A McDonald's restaurant has apologised to a mother whose son found maggots crawling through his Big Mac - and given her $135 of vouchers for more burgers.
Northland health authorities are investigating a complaint from Lianne Tansley about the burger sold at Whangarei's Bank St restaurant.
Her 15-year-old son Isaac has vowed to never eat McDonald's again - but the fastfood giant says its food safety procedures are stringent and it is keen to investigate what happened.
Isaac ordered a Big Mac and cheeseburger from the drive-through on New Year's Day. He finished the cheeseburger but didn't start eating the Big Mac until he and his mother were nearly at their Whangarei Heads home.
"He took the top bun off to take out the gherkin, and then he said, 'My God, Mum, look at this'," said Lianne Tansley. "The whole patty was moving as if it was alive. It was gross." When she rang McDonald's a manager took her name and contact details and asked her to bring the burger back in to be replaced. "I said, 'No thanks, I'm never eating there again'."
Nine days later, after Tansley sent a photograph of the burger to the Northland District Health Board and the Northern Advocate newspaper, McDonald's regional operations manager Sanjay Kumar rang her.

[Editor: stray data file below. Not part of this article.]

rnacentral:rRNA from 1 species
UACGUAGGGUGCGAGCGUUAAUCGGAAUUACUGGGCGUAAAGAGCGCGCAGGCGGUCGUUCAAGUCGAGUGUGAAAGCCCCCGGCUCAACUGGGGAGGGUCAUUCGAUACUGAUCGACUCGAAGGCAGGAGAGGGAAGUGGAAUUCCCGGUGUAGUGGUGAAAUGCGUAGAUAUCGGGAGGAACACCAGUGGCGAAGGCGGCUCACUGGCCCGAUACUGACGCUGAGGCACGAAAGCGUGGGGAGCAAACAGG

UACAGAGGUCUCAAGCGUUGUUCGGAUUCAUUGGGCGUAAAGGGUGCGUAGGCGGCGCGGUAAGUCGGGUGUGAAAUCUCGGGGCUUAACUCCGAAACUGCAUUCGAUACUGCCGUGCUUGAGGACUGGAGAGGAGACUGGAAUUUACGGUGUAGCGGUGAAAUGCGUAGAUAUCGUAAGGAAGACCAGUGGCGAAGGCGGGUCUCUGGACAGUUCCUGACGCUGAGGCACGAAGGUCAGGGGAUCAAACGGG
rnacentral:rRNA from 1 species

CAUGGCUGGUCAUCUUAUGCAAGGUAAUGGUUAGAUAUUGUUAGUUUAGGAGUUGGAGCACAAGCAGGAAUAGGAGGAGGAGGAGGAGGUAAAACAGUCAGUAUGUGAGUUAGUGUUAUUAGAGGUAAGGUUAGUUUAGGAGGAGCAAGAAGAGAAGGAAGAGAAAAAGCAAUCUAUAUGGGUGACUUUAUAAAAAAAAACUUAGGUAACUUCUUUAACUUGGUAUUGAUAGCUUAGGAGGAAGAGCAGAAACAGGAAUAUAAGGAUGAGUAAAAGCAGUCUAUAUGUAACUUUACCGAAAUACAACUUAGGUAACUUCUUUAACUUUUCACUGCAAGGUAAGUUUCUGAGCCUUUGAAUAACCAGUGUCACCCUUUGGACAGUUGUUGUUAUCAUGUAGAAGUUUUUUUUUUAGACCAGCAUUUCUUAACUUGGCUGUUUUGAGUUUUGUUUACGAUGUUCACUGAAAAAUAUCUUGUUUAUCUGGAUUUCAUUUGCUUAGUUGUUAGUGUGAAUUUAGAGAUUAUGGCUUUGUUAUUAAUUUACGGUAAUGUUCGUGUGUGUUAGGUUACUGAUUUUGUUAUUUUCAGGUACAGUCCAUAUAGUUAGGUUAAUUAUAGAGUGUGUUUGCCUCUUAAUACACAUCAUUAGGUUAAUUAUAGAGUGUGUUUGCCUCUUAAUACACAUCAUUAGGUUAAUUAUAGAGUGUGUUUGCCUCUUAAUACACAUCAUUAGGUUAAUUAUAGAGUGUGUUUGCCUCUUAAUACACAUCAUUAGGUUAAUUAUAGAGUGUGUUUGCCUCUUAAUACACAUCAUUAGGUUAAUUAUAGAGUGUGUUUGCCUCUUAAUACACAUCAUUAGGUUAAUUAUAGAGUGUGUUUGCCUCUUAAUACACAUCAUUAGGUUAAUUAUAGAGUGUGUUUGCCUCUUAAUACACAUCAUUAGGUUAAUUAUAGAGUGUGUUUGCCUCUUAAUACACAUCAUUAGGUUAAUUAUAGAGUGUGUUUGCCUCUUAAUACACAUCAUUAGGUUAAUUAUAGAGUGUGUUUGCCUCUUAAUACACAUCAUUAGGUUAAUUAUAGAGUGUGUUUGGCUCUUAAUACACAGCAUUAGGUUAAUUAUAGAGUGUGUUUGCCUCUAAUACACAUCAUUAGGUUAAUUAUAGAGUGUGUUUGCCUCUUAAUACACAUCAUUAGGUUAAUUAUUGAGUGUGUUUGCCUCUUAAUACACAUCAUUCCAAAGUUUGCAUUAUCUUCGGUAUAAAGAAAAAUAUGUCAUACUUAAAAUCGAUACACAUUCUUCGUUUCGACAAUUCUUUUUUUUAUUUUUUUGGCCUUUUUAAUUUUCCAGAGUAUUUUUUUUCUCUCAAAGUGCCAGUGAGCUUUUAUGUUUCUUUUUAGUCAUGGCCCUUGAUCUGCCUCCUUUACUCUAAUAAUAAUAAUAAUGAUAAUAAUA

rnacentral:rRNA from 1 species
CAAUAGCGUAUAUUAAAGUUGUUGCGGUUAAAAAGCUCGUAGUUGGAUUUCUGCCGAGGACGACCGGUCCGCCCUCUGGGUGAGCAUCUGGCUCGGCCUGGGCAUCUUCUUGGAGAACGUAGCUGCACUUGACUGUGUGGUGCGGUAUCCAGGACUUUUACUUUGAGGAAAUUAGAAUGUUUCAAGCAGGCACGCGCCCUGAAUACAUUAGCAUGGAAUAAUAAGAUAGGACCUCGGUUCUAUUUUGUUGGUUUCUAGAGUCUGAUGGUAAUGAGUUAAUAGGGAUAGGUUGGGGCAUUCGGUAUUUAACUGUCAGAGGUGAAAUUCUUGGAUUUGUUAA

He apologised for the delay and said the matter hadn't been brought to his attention, she said.
Kumar told the Herald on Sunday he visited Tansley on Friday and offered the vouchers as an apology.
The complaint had not been followed up promptly because Tansley didn't return the Big Mac to be checked, Kumar said.
"We thought the matter had been dropped. Otherwise we thought it could have been a hoax."
During his visit Kumar took the burger, which will be sent to public health officials tomorrow for testing.
Northland DHB public health leader Paul Reid had seen a photo of the burger and said two officers visited the Bank St premises on Friday. He described the complaint as "routine" but had yet to see a written report - or the burger.
McDonald's national communications manager Kate Porter said it was unlikely maggots could have hatched in the beef patties, which were cooked from frozen when orders were placed.
Strict hygiene rules were in place at McDonald's and the chain took complaints seriously.
Porter urged customers with complaints to return the product so the restaurant could investigate.
"Sometimes things go wrong and we do apologise for that."